Prime Minister Theresa May chaired two Brexit meetings on February 6 and 8 to try to bring the divided cabinet to a consensus and to best decide how to move forward with the United Kingdom’s relationship with the European Union.
According to The Financial Times, these meetings are critical since May and her senior ministers shape the post-Brexit UK-EU relationship. However, a consensus is difficult to achieve given the extent of political deadlock. One faction is pushing for a “hard Brexit” in which the UK withdraws from the EU single market and customs union, achieving full control over its borders and new trade deals. On the other hand, others advocate for a softer Brexit that maintains close UK-EU ties and the UK’s unfettered access to the single market.
“Patience is wearing thin,” however, warned the British Chamber of Commerce. On the day of the first Brexit meeting, according to The Guardian, the business leaders released a statement declaring that “businesses need those elected to govern our country to make choices – and to deliver a clear, unequivocal statement of intent. The perception amongst businesses on the ground, large and small alike, is one of continued division. Even amongst the many optimistic, future-oriented firms – those who see opportunity in change – patience is wearing thin.”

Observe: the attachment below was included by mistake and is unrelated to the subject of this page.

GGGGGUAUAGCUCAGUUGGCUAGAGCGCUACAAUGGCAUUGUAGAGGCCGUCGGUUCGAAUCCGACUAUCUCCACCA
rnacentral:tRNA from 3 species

These sentiments were echoed by chief Brexit negotiator Michel Barnier, who stated, “The time has come to make a choice. We need clarity about the UK proposals for future partnership.” According to The Sunday Times, Barnier emphasized the potential harm of Brexit to British trade, especially if the UK doesn’t remain closely tied to the EU economy, saying, “The only thing I can say, without a customs union and outside the single market, barriers to trade on goods and services are unavoidable.” Even if the UK attempts to remain in the single market, the EU may take actions to restrict their access. According to the BBC, a leaked draft of the legally binding UK-EU withdrawal agreement suggests that the final agreement “should provide for a mechanism allowing the union to suspend certain benefits deriving for the United Kingdom from participation in the internal market.” This suggested mechanism illustrates the EU’s reluctance to allow the UK to have their cake and eat it too; in other words, the EU doesn’t think that the UK should be able to withdraw from the EU but still gain from the EU, especially economically.
Ahead of a key European Council meeting in March and the ultimate UK departure scheduled for March 2019, pressure is building on the UK for it to decide what it wants from Brexit.